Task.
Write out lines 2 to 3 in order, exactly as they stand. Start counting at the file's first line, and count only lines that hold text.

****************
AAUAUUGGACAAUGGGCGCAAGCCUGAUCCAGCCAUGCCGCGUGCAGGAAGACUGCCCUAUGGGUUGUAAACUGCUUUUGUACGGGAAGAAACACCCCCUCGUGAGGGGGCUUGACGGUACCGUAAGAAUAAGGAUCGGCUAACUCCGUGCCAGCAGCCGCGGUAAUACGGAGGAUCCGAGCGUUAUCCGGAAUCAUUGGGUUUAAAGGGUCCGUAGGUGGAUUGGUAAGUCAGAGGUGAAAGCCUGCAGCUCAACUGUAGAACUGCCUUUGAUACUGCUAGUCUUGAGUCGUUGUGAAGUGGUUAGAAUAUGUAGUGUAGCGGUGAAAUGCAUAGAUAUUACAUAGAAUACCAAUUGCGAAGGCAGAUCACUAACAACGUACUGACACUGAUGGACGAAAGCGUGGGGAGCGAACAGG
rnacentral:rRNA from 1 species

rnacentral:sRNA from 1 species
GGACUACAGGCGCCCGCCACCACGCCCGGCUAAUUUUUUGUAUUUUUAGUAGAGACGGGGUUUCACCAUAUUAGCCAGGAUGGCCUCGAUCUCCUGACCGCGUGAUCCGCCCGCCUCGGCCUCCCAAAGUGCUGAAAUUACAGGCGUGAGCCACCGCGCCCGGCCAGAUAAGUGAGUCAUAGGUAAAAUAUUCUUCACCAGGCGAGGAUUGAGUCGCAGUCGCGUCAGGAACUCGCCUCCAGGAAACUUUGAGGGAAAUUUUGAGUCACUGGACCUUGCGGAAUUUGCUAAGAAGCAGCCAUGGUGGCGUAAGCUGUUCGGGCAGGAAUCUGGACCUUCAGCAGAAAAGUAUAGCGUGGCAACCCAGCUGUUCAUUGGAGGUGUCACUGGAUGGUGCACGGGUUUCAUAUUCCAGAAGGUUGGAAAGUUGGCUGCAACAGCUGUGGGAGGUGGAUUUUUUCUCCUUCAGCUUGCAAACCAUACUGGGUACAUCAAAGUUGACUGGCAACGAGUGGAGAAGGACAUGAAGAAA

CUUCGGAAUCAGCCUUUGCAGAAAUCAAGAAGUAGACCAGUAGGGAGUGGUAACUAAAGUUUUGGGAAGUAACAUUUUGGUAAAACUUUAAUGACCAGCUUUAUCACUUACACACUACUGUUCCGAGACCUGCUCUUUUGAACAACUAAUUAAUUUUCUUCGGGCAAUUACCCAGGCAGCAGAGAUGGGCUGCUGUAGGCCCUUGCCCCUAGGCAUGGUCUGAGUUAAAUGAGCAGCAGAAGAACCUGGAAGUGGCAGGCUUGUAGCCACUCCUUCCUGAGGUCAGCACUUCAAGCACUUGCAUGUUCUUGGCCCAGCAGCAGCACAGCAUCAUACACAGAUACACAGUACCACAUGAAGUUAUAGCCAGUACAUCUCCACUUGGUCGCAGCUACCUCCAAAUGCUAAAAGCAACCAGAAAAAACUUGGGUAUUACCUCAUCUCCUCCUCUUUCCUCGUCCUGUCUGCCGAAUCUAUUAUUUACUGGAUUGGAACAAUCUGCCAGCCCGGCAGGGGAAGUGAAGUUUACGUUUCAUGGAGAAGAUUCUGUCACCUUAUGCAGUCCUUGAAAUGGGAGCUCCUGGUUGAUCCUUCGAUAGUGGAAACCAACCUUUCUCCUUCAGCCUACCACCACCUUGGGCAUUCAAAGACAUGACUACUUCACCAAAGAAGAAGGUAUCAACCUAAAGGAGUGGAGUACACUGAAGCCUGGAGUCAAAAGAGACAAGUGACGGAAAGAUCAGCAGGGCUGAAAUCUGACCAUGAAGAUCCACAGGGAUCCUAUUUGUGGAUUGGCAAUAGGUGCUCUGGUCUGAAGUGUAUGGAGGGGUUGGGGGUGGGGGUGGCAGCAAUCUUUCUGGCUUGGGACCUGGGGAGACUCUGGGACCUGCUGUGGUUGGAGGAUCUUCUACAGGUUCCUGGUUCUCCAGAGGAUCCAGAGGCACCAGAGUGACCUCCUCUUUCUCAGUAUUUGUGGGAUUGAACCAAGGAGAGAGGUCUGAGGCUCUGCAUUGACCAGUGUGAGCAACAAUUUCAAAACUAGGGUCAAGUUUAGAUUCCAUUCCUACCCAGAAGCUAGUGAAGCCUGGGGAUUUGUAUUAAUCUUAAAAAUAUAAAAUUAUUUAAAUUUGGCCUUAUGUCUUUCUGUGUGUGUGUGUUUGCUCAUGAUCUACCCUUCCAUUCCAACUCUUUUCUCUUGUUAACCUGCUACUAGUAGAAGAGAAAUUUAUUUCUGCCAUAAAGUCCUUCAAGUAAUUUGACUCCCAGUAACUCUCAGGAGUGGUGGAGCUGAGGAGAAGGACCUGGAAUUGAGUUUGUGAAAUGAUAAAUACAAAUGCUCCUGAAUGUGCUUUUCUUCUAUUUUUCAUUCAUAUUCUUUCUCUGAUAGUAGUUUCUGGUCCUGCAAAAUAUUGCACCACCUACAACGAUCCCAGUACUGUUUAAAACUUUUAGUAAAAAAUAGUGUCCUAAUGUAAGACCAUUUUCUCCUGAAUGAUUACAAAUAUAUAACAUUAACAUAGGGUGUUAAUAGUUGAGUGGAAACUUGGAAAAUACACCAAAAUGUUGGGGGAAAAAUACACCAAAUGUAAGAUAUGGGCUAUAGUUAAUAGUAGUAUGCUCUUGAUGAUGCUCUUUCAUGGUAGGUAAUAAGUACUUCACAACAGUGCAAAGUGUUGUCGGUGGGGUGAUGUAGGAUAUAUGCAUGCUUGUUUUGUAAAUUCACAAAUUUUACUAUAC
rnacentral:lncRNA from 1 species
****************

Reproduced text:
rnacentral:rRNA from 1 species

rnacentral:sRNA from 1 species